A privately promoted used of the line, with open access negotiated to Ashton, with an initial (interim) terminus in the Riverside Park where some 600 metres of new light rail alignment would deliver rails under the existing Brunel Way viaduct to the South end of the currently disconnected Ashton Rail Bridge, which can be reconnected with the rail lines to Bristol Harbour. As with early railway promotion, this detail can be delivered in stages, so that a market can be tested, and revenue generated at an early stage.

The fact that the Portbury Line is effectively run as a stand-alone 'siding' from where it leaves the main line, should greatly simplify any signalling works required to develop the initial service, and no train paths would need to be found for Temple Meads. If on street running is anticipated then the pointwork that any tram-train vehicles share with heavy rail will require modified check-rails as trams have a 1380mm back to back vs heavy rail 1360mm, and dual use vehicles require special wheelsets.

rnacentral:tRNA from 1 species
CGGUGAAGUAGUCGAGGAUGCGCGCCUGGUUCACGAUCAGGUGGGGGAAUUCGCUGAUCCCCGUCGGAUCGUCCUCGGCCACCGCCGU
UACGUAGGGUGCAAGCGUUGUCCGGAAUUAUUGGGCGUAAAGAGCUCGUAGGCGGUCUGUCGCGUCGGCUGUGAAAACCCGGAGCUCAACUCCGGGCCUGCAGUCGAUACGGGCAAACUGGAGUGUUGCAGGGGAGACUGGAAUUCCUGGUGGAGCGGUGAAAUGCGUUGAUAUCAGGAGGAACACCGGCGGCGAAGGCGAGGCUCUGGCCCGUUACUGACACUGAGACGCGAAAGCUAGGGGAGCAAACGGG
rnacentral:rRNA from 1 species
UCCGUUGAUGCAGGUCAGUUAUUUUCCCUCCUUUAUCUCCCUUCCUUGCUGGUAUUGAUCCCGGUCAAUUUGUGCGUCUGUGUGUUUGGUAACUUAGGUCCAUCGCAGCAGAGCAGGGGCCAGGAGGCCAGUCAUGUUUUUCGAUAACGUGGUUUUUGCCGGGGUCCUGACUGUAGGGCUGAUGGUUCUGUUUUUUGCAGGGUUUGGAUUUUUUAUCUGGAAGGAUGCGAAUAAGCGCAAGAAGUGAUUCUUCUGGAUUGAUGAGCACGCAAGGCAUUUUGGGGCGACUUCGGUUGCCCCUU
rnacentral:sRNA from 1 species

With appropriate light rail vehicles - probably a tram-train specification, using either battery or hybrid vehicles, services can then run Portishead to Bristol Harbour - closer to the City Centre than Temple Meads! with minimal major works save for the link, between the Portbury freight branch and restoring (light) rail use of the Ashton Bridge.

From Bristol Harbour - which can be an interim terminus. The options remain to restore the railway route through to Temple Meads via Challoner Street and the existing Redcliffe Tunnel - which will now require reclamation of some land, and demolition/part removal of developments made in the past 30 years or so. Alternatively, and possibly faster, would be to run on street to Broadmead, and possibly split to pass through Queen Square to head for
the Redcliffe Bridge and a route paralleling Redcliffe Way which can bring Temple Quay in to a closer relationship with Temple Meads station.